I guess you have not had the opportunity to drive a modern ICE car lately, above 10mph, even a well engineered Diesel, like Audi’s, is hard to tell apart from an EV


When it comes to diesel cars, what is “well engineered”? Would that be a model which has its Dieselgate pollution test rigging engineered so well that it hasn’t yet been discovered?

There is no such thing as a “well engineered” diesel car.

Dan F.

Foolish ideologue. Why should anyone read what you write.


The Tesla was in the shop last week. Got a BMW loaner, what a piece of crap ! Brakes were slipping, acceleration would only respond with a 1-2 second lag time, AC wasn’t sufficient, the vibration of the car was aggressive, the engine noise was deafening. I was tired and wet after a 20 minutes drive. I would have prefered a mitsu MIEV, would have had more luxury feel.


When the diesel meets limits, it’s a lot slower. This is why VW cheated in the first place — the software made the vehicles much slower on the road. Regardless there’s still a night and day difference in the feel of an EV versus even a well-engineered ICE.


Of the driving experience, yes. Of luxury? I don’t think so.

Tesla is a pretty unique package still. They’re fast, kind of high tech, innovative in some ways (like doing away with the start/stop button), and offer a lot of practicality. But they aren’t very luxurious.

And this is probably a smart way to go for Tesla. Manufacturing a luxury car is harder within a given budget. The EV powertrain means that, compared to ICE, it is much cheaper to offer lots of smooth power. Massaging rear seats won’t be any cheaper to put in an EV than an ICE.

When batteries become cheap enough and volume big enough, surely there will be EVs that have loads of luxury in addition to a huge battery pack, tons of power, and a lot of space. For now, it’s probably smarter to exploit the EV advantages and let them compensate for a bit less luxury. Teslas are pretty expensive as it is, and the market for $150k+ cars isn’t big enough to justify a version that would have to be built very differently from the others.


This should be news to no one. I posted this exact same opinion months ago after having rode in a friend’s new 7 series (several of my associates have Model S’s so I’m well familiar with those). It’s OK to recognize that Tesla spent their money on the parts they had to develop from scratch and thus cannot be expected to match other design elements of legacy vehicle manufacturers.


Right. Luxury is a subjective definition so some people will value the electric powertrain characteristics more highly on that front (lack of noise) but it is inarguable that a high end interior is part of luxury. Tesla focuses their energy elsewhere.

Electric cars are a different beast right now than their ICE counterparts, so it is tough to classify them. On the one hand they are dead quiet and smooth, hallmarks of luxury. But their interiors aren’t as opulent, so are they luxurious? Then they are insanely fast to 100km/h but aren’t as good around the track, so are they sports cars? Then they are very cheap to run but cost more up front, so are they budget cars? The answer to all is sort of. They are a new combination of attributes.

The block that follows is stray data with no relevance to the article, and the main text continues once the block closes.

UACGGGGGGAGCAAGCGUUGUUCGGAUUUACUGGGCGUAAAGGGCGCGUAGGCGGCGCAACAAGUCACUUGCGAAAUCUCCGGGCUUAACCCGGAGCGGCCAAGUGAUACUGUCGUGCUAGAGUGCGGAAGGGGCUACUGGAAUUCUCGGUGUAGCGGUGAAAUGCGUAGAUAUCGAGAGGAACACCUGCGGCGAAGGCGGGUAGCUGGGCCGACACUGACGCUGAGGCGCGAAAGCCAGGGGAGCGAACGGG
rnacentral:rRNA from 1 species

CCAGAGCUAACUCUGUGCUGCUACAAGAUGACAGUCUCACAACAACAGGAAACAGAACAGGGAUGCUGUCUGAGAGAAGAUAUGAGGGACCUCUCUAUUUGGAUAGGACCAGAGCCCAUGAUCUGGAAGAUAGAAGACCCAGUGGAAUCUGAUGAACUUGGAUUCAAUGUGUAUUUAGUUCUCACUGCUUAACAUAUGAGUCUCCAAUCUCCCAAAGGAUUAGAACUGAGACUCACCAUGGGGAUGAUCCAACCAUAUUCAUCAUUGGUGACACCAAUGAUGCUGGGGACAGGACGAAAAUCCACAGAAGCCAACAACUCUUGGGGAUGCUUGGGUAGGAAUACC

Years ago I had to rent a Honda minivan to drive from SF to LA. I had never driven a minivan before (or since actually). I was astounded at how smooth and quiet the thing was, it was like piloting an apartment down the road, not a vehicle. It was total isolation from the road.

That being said, I would not call it a luxury vehicle. I was driving an Audi at the time for my personal vehicle so I had a good comparison of “luxury” versus “utility”


Before jumping to conclusions it might be wise to actually compare the sound levels of the cabins at a 75 mile per hour Cruise. I wouldn’t be surprised if the BMW is quieter than the Tesla.


I’d be surprised if it isn’t.

According to Car and Driver’s reviews, at 70mph cruising: Mercedes Benz S550, 66dBA Lincoln Continental Reserve, 67dBA Cadillac CT6, 67dBA BMW 740i (2016), 68dBA Genesis G90, 68dBA Near Luxury or Entry luxury: Toyota Avalon, 67dBA Kia Cadenza, 68dBA Buick LaCrosse, 69dBA Nissan Maxima, 70dBA The only things I found on Car and Driver regarding Model S is 2015 P85D that has a dBA rating as low as 66dBA and as high as 73dBA. The difference is from initial testing and end of testing. Of course, keep in mind that testing condition (such as road condition and wind condition) impact the results greatly. So are equipment used. The other comparison is more valid in direct comparison tests. And according to U.S. News ranking, Model S is among the 12 quietest cars on the road which includes many of those models listed above. So, it is certainly one of the quietest cars out there. But it didn’t provide actual numbers so we can’t say if one is quieter than the other. But what we can say is that they are all pretty darn quiet and probably within 1 to 2 decibel of each other and depending on the road condition. Tesla will… Read more »